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Initiating a Network Effect in a Social Network - A Facebook Experiment

- Can we initiate network effects on the Facebook social network in a non-automated experiment under controlled environment?

- How to put into evidence network effects in a social network?

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Initiating a Network Effect in a Social Network - A Facebook Experiment

  1. 1. Initiating a Network Effect in a Social Network Nasri Messarra – Anne Mione 17th EURAS Annual Standardization Conference Kosice, Slovakia, 2012
  2. 2. Initiating a Network Effect in a Social Network • Can we initiate network effects on the Facebook social network in a non-automated experiment under controlled environment? Nasri Messara – Anne Mione • How to put into evidence network effects in a social network?
  3. 3. Objectives Recent studies have focused on social network analysis suggesting different methods to measure the density and activity of these networks but also the role of the individuals as nodes and hubs, as well as their centrality within these networks (Lazega, 2007; Wasserman & Faust, 1994; Krackhardt, 1995, 1993). These studies allow us to understand the workings of a network and the behavior of its members, but they adopt a descriptive and analytical approach, following Granovetter’s social approach (1974, 1985, 2000). They examine established networks in adopting the position of observers. We intend to explore the construction and development of a social network from the perspective of its creator, in a strategic entrepreneurial perspective. This posture supposes to handle specific questions: what about the creator’s intervention? Can a social network reach a critical mass allowing it to sustain itself and increase in size without further intervention?
  4. 4. The Experiment We created a fake unattractive profile on Facebook: Man, over 40, married with children, doesn’t reply, doesn’t post messages or photos, etc. (most Facebook fake profiles are young attractive women with a lot of photos, message postings, etc.) 0 200 400 600 800 1000 13-16 22 30 40 50 Average Facebook Friends by Age
  5. 5. The Befriending Strategy • Using the “people you may know” or “mutual friends” feature in Facebook • Sending requests to public figures (TV broadcasters, public figures, etc.) of second category. • Other fake profiles experiments* have been conducted by other researchers but they used “bots” (automated scripts) to send friend requests. Our method, which is completely manual, tries to focus on the importance of the “nodes” or friends as a catalyst in the network growth. * Boshmaf, Muslukhov, Beznosov & Ripeanu (2011) at the University of Columbia
  6. 6. Network Effects Set Off Friends acceptance over time (cumulative) and friends request (network effects take off)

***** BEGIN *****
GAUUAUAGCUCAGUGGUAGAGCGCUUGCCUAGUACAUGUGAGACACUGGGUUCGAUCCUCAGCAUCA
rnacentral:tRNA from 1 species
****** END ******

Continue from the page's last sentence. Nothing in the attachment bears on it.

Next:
7. 7. The multiplier role : a determinant actor in the network Spartacus Zeina Tahan Tarek- Gabriel Sikias Michel Hassoun Asma Andraos Nagi Gemayel Ramia Midani Youssef Mallat Elie Kehde Omar Boustany Tania Bechara Jad Habib Fady Salamoon Joumana El- Khoury Raymond Yazbeck Denise Chamassian Roy Ferneini Carl BerKoff # First Name Friends Friends of Friends Friends of Friends of Friends 1 Ahmad 0 0 0 2 Asma 133 2960 5514 3 Assaad 54 985 2937 4 Eileen 11 182 724 5 Farah 0 0 0 6 Ghassan 0 0 0 7 Hani 28 1356 8185 8 JeanMarc 50 885 2487 9 Joumana 34 1797 8658 10 Nadine 17 704 6615 11 Nasri 12 540 6256 12 Omar 176 5396 8402 13 Patricia 13 169 725 Some nodes (or friends) on the network will encourage other people to accept friends request, whereas, some of them, will bring no friends but themselves. Detecting these “multipliers” within the network can bring more understanding and control of the network.
  8. 8. Analyzing Social Network Future analysis will take into consideration the imbrication of Networks and the Time (precedence) variable
  9. 9. Results • We created a social network to an inexistent person and reached a critical mass where, through externalities, our fake profile started receiving friend requests without any action or reaction from his end. • This experiment also showed that network externalities, as developed by Katz and Shapiro (1985) for several types of networks, may be applied to social networks with all the benefits associated to such networks, and that an entrepreneur can have better control over social networks than over non-virtual networks. • We have also shown how the number of adherents and the role of the first adopters are determinant. We have demonstrated that this network has strong and weak nodes and how some of the users can have dangerous repercussions on the whole network.
  10. 10. Discussion • In this experiment, the nature and role of the adopters are examined. A next step of the experimentation can be to interview the adherents. We can also announce professional, commercial, or personal events to specific people within the network, on a multiplier path or outside it, and measure the reaction on the network. • A lot remains to be analysed and automation using accurate and powerful software tools should be investigated. This experiment does not answer all the questions asked but opens a door for a more thorough and quantitative analysis.